WHAT IS BITCOIN?
I think by now most people at least have a bit of a clue about what bitcoin is as it pertains to being a store of value or a digital currency, but, you may still have some questions.
Here we explain as plainly as possible, what bitcoin is, where it originated from, and why we need the technology.
So who created bitcoin?
To realize digital cash, you need a payment network with accounts, balances and transactions that’s easy to understand. One major problem every payment network has, is to prevent double spending. Essentially that means to prevent one entity from spending the same amount twice.
Usually this is done by a central server that keeps records of all the balances. What differs about a decentralized network
is, you don’t have this server.. so you need every single node, i.e. computer or active entity on the network to do this job. Every peer in the network needs to have a full list with all of the transactions to check if future transactions are valid, also if anyone attempts to double spend.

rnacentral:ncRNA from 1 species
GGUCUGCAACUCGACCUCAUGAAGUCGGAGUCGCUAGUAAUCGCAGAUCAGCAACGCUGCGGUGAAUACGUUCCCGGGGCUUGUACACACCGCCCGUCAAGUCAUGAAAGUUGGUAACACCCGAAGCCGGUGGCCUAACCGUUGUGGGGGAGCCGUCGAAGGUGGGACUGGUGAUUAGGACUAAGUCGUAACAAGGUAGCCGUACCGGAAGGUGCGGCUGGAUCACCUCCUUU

So, how do these entities keep a consensus (agreement) of these records?
If everyone on the network disagrees about even one single minor balance, everything breaks. There needs to be an absolute consensus.
Up until 2008 when Satoshi discovered it, nobody even knew it was possible. Cryptocurrencies are a vital component of the solution. Here is a brief illustration.
In this illustration we will look at the transactions on the network. ( all transactions must be signed using a personalized digital signature)
( image copywritten by Smart Digital Payments )